Time has sustained La dolce vita, setting loose themes that underscore twenty-first-century dilemmas that were of little or no consequence in 1960. Just as we are more likely now to register how funny it is and how tidily structured, we can hardly fail to see how it augurs our obsessions with the loss of privacy and the rise of virtuality, the deadening of the senses and the addiction to technology, the corruption of media, the lust for fame, and the waning of lust when acculturation trumps individual agency. It is now a more humanistic film too, because, having been there and done much of that, we know its people more intimately than did the first generation of viewers, who were gawkers at and not survivors of the spectacle.
With one bravura set piece after another, La dolce vita creates a nearly apocalyptic vision of its time and confirms Fellini as “a craftsman who has nothing to say but who knows how to say it,” in his own words.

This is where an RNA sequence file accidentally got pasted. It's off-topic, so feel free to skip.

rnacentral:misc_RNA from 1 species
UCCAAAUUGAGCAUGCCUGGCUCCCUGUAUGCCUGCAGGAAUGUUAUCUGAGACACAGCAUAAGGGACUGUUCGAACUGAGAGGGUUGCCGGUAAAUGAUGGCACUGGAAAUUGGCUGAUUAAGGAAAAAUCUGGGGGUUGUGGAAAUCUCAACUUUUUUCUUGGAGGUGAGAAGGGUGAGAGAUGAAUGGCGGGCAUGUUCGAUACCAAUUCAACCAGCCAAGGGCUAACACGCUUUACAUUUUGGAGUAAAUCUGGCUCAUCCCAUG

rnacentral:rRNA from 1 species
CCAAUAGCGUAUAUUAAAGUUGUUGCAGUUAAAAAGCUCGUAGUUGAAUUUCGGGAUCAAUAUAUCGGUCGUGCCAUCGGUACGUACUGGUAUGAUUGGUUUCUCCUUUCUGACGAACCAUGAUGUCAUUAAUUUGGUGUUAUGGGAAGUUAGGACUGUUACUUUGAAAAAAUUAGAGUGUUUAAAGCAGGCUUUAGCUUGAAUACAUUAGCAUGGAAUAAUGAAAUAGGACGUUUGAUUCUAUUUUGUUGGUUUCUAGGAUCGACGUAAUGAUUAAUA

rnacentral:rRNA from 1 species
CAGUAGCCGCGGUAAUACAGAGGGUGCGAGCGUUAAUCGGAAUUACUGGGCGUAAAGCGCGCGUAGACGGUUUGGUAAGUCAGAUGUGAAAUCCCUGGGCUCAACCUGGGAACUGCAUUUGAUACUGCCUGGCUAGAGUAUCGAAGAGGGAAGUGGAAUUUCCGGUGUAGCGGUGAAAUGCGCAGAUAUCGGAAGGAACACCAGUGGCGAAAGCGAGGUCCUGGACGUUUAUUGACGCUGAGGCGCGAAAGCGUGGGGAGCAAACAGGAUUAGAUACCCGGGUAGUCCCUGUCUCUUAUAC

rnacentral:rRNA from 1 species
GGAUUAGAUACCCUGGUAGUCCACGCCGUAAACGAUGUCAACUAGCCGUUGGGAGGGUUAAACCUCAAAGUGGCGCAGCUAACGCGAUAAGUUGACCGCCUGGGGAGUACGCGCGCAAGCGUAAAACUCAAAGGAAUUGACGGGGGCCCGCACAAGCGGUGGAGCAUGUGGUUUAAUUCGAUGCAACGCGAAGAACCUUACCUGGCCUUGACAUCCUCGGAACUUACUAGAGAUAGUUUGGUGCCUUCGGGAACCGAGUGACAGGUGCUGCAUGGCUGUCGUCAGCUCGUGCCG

The film’s dilated, baroque imagery, audacious approach to narrative, skillfully unified design, and fundamental ambiguity forever altered the look, style, and reach of movies. But the influence of La dolce vita extends far beyond the cinema. Such is the film’s aesthetic appeal that images and scenes from it continue to be copied and recycled in magazine articles, fashion spreads and advertisements. Moreover, the film’s lucid examination of the complex relationship between images and reality has become increasingly relevant amid the accelerated distribution of tabloid journalism in the hyperkinetic techno-industrial grid of this new information age. La dolce vita vividly captures the phenomenon of what Daniel Boorstin, in his 1962 book The Image, calls a “pseudo-reality,” that is a parallel world composed of movie stars, images of high society, media events and publicity stunts that bear little obvious relation to everyday life. Since then, the world has changed dramatically and this “pseudo-reality” has perhaps become even more real than so-called real life for a lot of people. Fellini’s masterpiece endures as a film about pure disillusionment and the meaning of La dolce vita depends on how you look at it, just like life.